After two successful editions alongside Frieze London, the 1:54 Contemporary African Art Fair will be making its New York debut this Frieze Week, from May 15 to 17 at Pioneer Works. Though fairly small, with a roster of 16 galleries, the fair promises an exciting selection — including participating artists coming fresh off the Venice Biennale and a full roster of talks and panels with artists like Hank Willis Thomas and Julie Mehretu. We asked the fair’s founder Touria El Glaoui about the motivation behind the expansion and the importance of visibility for African artists.
What inspired this year’s move to New York City?
We kind of doubled everything from the first to second year, and the press often asked us “How many galleries do you have this year, how many artists?” — and we thought that right now, we have an extremely good quality of gallery and an extremely good quality of artist, so instead of growing in the capital where we are already, it might be nice to give the same type of visibility to a new art capital. These artists are still not known and didn’t get visibility in the US. There are a lot of audiences here that don’t travel to Frieze London, so we’re hoping to reach out to this new audience.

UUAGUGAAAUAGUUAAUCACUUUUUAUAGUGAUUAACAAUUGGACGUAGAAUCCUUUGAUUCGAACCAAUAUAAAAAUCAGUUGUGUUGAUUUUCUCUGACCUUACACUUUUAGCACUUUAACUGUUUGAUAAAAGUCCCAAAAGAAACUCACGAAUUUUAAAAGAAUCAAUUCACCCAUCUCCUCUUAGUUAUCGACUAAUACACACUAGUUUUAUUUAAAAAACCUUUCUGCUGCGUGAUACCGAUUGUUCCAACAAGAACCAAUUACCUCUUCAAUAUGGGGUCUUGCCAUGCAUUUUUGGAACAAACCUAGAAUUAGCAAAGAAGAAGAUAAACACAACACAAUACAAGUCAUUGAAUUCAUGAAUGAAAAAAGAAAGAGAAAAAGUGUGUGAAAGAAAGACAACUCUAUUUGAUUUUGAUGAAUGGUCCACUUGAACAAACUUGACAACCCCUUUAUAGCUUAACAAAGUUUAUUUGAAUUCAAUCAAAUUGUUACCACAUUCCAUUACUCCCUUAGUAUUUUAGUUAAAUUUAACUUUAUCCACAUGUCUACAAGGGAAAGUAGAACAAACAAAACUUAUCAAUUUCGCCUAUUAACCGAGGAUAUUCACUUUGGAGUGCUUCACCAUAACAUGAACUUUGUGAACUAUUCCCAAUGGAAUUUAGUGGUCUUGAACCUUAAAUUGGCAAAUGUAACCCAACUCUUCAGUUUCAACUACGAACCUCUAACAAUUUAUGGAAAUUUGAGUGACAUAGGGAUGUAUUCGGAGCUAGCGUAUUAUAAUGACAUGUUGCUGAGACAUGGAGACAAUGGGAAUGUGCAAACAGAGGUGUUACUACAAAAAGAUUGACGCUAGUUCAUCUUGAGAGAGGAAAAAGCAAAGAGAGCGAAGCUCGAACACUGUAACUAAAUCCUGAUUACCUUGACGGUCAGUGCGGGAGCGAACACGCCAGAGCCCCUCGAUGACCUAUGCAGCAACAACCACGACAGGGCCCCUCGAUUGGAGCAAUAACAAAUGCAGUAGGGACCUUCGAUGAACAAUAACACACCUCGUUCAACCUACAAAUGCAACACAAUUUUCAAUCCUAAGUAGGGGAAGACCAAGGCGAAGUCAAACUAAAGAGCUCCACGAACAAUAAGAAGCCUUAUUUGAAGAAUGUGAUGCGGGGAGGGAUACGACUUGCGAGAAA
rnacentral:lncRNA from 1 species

Why do you think there’s still this lack of visibility for contemporary African artists?
I think the biggest limitation that we’ve seen is that Africa is not easy to access for most people. The fact that there’s no access to contemporary African art means there’s no knowledge, no education when it comes to it. It had until now been something very niche, but what we’ve seen in London with the two editions is that this is appealing now to a larger spectrum of the collectors, who think that they have to include contemporary African art in their collection.
I think it’s a bit of a vicious circle; if you have no access to it, you can’t have curators thinking of even including them in exhibitions. For example, a lot of the first generation of famous contemporary African artists were the ones that participated in this exhibition in Paris called “Magiciens de la terre,” and this exhibition then got Johnny Pigozzi interested. He had this collection in Europe that circulated a lot and gave a lot of visibility to those 20 artists that were part of this initial international exhibition.